Sorry, but if you have a $600k mortgage, there is NOTHING typical about you! it may be common in certain overinflated areas like SF, but it isn't typical even there.
Average home price across the US is about $150k.

dodgerfanjohn   Wed, 14 Nov 2012, 7:22am PST   Share   Quote   Permalink   Like   Dislike     Comment 16

IDDQD says

chemechie says

Sorry, but if you have a $600k mortgage, there is NOTHING typical about you! it may be common in certain overinflated areas like SF, but it isn't typical even there.

Average home price across the US is about $150k.

I don't have a mortgage, but $600K is fairly typical across decent areas of SFBA where 2-income families working for tech companies prefer to live. And I'm not talking about uber-crazy places like Palo Alto or Cupertino where it is even higher. Average home price across the US is as irrelevant to this conversation as average household income across the USA.

Maybe it's par for the course, but that income still makes your family "rich", especially when you consider that rentals in the same neighborhood are vastly cheaper.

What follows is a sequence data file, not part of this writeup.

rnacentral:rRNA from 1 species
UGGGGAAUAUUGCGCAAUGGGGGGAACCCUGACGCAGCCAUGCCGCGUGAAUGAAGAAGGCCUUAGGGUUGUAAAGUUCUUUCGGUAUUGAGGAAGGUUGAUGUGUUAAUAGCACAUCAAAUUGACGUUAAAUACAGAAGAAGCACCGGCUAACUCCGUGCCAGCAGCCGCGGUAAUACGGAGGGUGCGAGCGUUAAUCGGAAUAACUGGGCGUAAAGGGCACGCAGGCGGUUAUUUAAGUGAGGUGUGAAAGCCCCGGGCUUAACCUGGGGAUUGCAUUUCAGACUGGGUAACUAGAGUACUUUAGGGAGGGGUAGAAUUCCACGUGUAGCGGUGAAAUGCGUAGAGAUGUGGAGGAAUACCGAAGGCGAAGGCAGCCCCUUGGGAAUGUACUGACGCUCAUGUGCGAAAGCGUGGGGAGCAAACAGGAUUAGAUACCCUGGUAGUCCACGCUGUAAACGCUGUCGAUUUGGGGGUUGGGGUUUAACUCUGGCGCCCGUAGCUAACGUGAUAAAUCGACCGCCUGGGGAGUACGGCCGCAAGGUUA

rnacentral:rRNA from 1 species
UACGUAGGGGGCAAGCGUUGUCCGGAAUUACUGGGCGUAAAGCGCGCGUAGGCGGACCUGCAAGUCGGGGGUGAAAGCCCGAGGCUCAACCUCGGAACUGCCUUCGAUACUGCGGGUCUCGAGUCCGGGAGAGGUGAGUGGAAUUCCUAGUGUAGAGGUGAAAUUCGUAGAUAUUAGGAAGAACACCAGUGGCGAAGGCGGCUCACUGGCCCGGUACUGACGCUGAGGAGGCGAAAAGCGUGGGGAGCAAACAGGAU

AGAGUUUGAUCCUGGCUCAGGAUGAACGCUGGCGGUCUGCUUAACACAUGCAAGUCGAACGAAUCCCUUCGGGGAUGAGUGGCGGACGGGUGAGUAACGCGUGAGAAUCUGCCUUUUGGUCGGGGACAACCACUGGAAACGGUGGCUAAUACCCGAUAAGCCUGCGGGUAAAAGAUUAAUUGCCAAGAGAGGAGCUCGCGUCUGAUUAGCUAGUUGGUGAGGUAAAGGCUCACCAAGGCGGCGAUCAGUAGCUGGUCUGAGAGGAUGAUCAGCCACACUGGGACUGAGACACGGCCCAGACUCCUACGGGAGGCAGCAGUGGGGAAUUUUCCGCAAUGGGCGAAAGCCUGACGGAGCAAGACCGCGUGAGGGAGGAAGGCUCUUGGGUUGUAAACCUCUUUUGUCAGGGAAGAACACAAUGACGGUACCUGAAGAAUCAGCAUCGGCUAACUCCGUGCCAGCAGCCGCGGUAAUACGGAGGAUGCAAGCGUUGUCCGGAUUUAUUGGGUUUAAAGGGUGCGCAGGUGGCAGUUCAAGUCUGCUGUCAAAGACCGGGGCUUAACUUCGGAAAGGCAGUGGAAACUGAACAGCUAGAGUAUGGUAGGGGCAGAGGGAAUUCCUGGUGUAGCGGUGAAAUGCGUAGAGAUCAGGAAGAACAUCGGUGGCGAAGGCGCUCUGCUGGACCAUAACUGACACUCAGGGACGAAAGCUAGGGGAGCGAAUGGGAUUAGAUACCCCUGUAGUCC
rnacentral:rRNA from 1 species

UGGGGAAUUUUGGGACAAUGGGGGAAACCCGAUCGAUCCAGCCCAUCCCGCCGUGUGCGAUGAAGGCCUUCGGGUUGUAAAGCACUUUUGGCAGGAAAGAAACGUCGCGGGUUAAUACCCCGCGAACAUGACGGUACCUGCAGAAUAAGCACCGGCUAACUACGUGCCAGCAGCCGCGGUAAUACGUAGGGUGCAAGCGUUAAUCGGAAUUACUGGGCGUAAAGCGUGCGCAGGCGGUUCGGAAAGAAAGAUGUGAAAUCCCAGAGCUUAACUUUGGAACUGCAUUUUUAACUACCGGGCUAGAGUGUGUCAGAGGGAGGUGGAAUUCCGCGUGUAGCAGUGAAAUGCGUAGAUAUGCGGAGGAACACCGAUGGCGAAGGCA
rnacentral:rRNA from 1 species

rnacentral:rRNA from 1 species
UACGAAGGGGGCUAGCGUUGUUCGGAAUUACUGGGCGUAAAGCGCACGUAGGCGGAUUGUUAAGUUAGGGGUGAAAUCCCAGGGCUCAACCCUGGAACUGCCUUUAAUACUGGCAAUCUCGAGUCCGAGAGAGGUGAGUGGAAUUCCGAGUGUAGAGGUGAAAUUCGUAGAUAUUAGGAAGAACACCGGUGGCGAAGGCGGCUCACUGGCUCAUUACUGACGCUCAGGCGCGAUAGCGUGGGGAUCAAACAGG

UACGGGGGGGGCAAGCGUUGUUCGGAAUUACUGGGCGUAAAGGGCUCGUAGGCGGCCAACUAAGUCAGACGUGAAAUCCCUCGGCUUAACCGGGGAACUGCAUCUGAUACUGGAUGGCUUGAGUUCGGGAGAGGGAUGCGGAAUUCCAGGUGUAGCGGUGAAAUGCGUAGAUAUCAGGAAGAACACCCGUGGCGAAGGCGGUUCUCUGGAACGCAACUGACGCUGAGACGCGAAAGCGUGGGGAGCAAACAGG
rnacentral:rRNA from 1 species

In other words, own or not own has absolutely zero bearing on whether or not one is in a high income household.

Bellingham Bill   Wed, 14 Nov 2012, 7:50am PST   Share   Quote   Permalink   Like   Dislike     Comment 17

chemechie says

but it isn't typical even there

http://www.zillow.com/local-info/CA-San-Jose-home-value/r_33839/

says the ENTIRE CITY of San Jose is at a $525k median/average whatever.

Anyplace actually worth living is $600,000 easily.

$600,000 is a ~$3300/mo cash outgo, including paydown.

PITI minus the P is $2400/mo starting out, and after 30 years the holding cost will be $800/mo.

Average cost of ownership is $1600/mo over those 30 years.

Renting a shitty one bedroom is hard at that price now.

Bellingham Bill   Wed, 14 Nov 2012, 7:53am PST   Share   Quote   Permalink   Like   Dislike     Comment 18

dodgerfanjohn says

especially when you consider that rentals in the same neighborhood are vastly cheaper

only if you forget that principal repayment is a form of savings and shouldn't be counted.

Also important is that the ITI part of PITI goes down over time, and since 1932 rents HAVE NOT.